I found this book on my Kindle after my daughter had borrowed the Kindle, so, I read it. Well, almost read it. The premise was interesting: a 31 year old single woman starts an email "relationship" with a person in Japan. OK. Now what? Well, then we find out this 31 year old is afraid of almost everything! No flying, no eating unusual items, resorts to reading emails in the janitor's closet at the school where she teaches (really?)...well, I could go on, but reading about someone's case of arrested development just couldn't hold my interest. Haven't finished it. There was one review that said it's a book to read when you want to make sure you'll fall asleep. I agree. Hope my daughter didn't pay for this book, for in paper form, it wouldn't be worth the paper it was printed on.
Felolak
I started reading Rain Song by Alice J. Wisler at the end of July (I know I'm running late with the review :/). For some reason that I can't quite put my finger on it took me a while to read this one. Maybe because I was on vacation or that I only downloaded it on my Cloud Reader and not the Kindle app on my phone (I read most books on my phone now). But whatever the reason, it rarely takes me so long to read a book so that must say something about this one.

I one clicked it from Amazon when it was free because I can't resist a freebie. I hadn't heard of neither the author or book before. I was scrolling through my Cloud Reader and picked this one in particular because I liked the cover very much. At first I was confused....Nicole is in Mount Olive with Ducee and Iva, but she's constantly thinking about something that happened in Japan. At one point I couldn't follow. I was like: Where did Japan come from now? Little by little it became clearer. Once I got to the middle it was easier to follow what was going on. However, the ending still left many questions unanswered for me. I think there should be a sequel or some sort of explanation. I might sound like Sheldon Cooper now, but I do need closure.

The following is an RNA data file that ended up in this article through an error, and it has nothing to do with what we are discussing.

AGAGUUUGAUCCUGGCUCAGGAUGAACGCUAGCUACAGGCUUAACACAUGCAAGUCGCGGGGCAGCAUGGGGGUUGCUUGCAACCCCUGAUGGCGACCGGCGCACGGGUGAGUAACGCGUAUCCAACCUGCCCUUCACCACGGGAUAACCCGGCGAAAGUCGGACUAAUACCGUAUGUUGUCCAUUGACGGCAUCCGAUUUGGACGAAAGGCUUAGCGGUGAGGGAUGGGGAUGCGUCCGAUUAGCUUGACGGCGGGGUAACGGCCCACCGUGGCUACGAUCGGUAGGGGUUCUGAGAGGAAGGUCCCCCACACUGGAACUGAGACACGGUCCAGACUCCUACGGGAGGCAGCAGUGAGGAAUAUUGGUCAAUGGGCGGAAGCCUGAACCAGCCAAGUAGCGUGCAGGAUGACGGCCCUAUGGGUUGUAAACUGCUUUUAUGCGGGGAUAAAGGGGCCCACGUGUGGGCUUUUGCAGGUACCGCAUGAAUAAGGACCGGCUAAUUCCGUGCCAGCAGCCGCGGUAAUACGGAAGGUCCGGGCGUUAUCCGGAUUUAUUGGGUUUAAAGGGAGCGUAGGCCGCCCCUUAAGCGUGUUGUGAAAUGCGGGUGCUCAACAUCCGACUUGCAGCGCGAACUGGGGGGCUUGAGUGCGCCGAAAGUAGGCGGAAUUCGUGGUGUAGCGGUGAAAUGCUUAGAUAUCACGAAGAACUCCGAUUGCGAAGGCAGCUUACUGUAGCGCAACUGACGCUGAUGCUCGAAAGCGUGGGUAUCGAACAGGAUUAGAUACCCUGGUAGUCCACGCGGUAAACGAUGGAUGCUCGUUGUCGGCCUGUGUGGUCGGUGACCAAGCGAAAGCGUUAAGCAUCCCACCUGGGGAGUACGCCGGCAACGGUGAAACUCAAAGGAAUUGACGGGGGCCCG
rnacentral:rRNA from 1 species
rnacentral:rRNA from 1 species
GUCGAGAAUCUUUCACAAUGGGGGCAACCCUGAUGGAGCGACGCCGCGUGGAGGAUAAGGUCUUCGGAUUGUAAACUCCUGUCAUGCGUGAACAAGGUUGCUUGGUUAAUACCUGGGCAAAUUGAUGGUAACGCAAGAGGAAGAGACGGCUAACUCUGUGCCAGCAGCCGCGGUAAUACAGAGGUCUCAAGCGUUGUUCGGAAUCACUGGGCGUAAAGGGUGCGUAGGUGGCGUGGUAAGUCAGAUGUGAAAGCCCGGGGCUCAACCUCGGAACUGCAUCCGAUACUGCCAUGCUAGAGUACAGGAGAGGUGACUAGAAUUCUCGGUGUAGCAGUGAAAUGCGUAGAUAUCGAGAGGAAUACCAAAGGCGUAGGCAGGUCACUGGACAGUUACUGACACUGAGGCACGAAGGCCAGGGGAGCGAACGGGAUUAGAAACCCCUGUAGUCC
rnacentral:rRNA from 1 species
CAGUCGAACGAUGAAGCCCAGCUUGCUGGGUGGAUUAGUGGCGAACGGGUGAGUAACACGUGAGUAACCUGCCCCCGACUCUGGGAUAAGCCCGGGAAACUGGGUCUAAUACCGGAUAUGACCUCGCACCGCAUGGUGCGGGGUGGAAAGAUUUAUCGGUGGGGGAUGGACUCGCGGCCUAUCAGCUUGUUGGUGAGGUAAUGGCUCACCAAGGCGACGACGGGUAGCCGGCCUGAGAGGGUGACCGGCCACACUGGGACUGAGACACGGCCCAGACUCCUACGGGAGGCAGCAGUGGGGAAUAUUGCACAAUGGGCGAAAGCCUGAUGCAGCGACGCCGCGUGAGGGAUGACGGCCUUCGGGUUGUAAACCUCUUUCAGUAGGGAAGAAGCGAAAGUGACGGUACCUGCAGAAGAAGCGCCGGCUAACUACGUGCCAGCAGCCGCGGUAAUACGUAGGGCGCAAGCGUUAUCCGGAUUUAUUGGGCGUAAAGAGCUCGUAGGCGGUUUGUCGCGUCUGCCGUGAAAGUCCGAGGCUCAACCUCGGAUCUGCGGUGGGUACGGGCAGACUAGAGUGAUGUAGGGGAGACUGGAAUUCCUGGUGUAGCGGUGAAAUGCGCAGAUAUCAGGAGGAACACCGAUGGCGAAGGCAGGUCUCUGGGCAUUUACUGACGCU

Rain Song is not a story about rain. The rain is a metaphor. It's a story about how a young woman slowly learns how to overcome her fears and ends up doing/facing all the things she was afraid of.

Rating - I admit it got me thinking and guessing. In the end I guessed right. And you know I don't like it when I can guess the plot of a book. Plus it took me soooo long to finish it. 2 stars for this one.

Who would I recommend it too - Well, I won't give recommendations this time since I gave it only 2 stars.
Felolak
I started reading Rain Song by Alice J. Wisler at the end of July (I know I'm running late with the review :/). For some reason that I can't quite put my finger on it took me a while to read this one. Maybe because I was on vacation or that I only downloaded it on my Cloud Reader and not the Kindle app on my phone (I read most books on my phone now). But whatever the reason, it rarely takes me so long to read a book so that must say something about this one.

I one clicked it from Amazon when it was free because I can't resist a freebie. I hadn't heard of neither the author or book before. I was scrolling through my Cloud Reader and picked this one in particular because I liked the cover very much. At first I was confused....Nicole is in Mount Olive with Ducee and Iva, but she's constantly thinking about something that happened in Japan. At one point I couldn't follow. I was like: Where did Japan come from now? Little by little it became clearer. Once I got to the middle it was easier to follow what was going on. However, the ending still left many questions unanswered for me. I think there should be a sequel or some sort of explanation. I might sound like Sheldon Cooper now, but I do need closure.

Rain Song is not a story about rain. The rain is a metaphor. It's a story about how a young woman slowly learns how to overcome her fears and ends up doing/facing all the things she was afraid of.

Rating - I admit it got me thinking and guessing. In the end I guessed right. And you know I don't like it when I can guess the plot of a book. Plus it took me soooo long to finish it. 2 stars for this one.

Who would I recommend it too - Well, I won't give recommendations this time since I gave it only 2 stars.
Zuser
Rain Song by Alice J. Wisler is a warm family story. Set in Mount Olive, North Carolina--think pickles--it's about the close McCormick family. It's complete with a lovely matriarch who sticks religiously to her traditions, her sister, a few complicated people and infidelities, and some typically Southern food and charm. Nicole lost her mother in a house fire when she was two, and she was reared by her grandmother and loved by her aunts and the whole family. Her father couldn't handle his wife's death and descended into drink and despondency. Nicole meets someone online while discussing fish, and the friendship grows. Soon, she is asking questions she never thought she'd ask and finding out some of the facts of her early childhood.